GOP Senators Bill Cassidy (LA) and Susan Collins (ME) unveiled one possible replacement for Obamacare called the Patient Freedom Act. This plan would leave the majority of the power to the states, letting each one decide “whether the want to keep ObamaCare.” Fox News reported:

“We recognize that our bill is not perfect,” said Maine Sen. Susan Collins, who introduced the 2017 Patient Freedom Act with Louisiana Sen. Bill Cassidy, a physician and fellow Republican.

“We need comprehensive legislation,” Collins continued. “It’s still a work in progress. … But if we don’t start putting specific legislation on the table that can be debated, refined, amended and enacted, then we will fail the American people.”

The states that want Obamacare can keep the entire with “its subsidies, mandates and protections for people with pre-existing conditions.”

Those that choose to opt out will have another plan to “provide a uniform tax credit linked to a health savings account to help people afford a basic, less comprehensive health insurance plan.”

Collins and Cassidy have not presented the legislation yet, which means they did not release a lot of details “like the size of the tax credit under the alternative to ObamaCare, were not immediately available.” Those that opt out could receive “95 percent of the federal money that they would get under ObamaCare, but to use for the alternative tax credit system instead.”

Cassidy pointed out the two senators kept the Obamacare option to persuade Senate Democrats to side with them. They need 60 votes to pass the legislation, which means at least eight Democrats must vote for it:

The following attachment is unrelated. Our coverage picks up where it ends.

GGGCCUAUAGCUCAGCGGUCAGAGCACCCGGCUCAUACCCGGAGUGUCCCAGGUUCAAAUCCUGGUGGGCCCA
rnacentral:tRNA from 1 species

“At some point in this process, we’re going to need a bill that can get 60 votes,” Cassidy said at a press conference Monday. “We think that helps us get to 60.”

“California, New York: You love ObamaCare, you can keep it,” he added.

Yeah, the plan did not impress Senate Minority Leader Chuck Schumer:

“While I have a great deal of respect for Senators Collins and Cassidy, their proposal today illustrates the dilemma both they and Republicans are in,” Senate Minority Leader Charles Schumer (D-N.Y.) said in a statement.

“Ultimately, this proposal is an empty facade that would create chaos — not care — for millions of Americans. Republicans should drop their disruptive repeal plans and work with Democrats to improve, not gut, the Affordable Care Act and healthcare system for all Americans.”

Sen. Rand Paul (R-KY) said he will release his replacement plan sometime this week. Last week, though, he gave a small preview of his draft:

Paul suggested Sunday that the replacement plan will include more low-cost insurance plans

“One of the key reforms that we will do is, we’re going to legalize the sale of inexpensive insurance,” he told CNN’s “State of the Union.” “That means getting rid of the ObamaCare mandates on what you can buy.”

Paul wants to “include health saving accounts and tax credits to help customers save money.”


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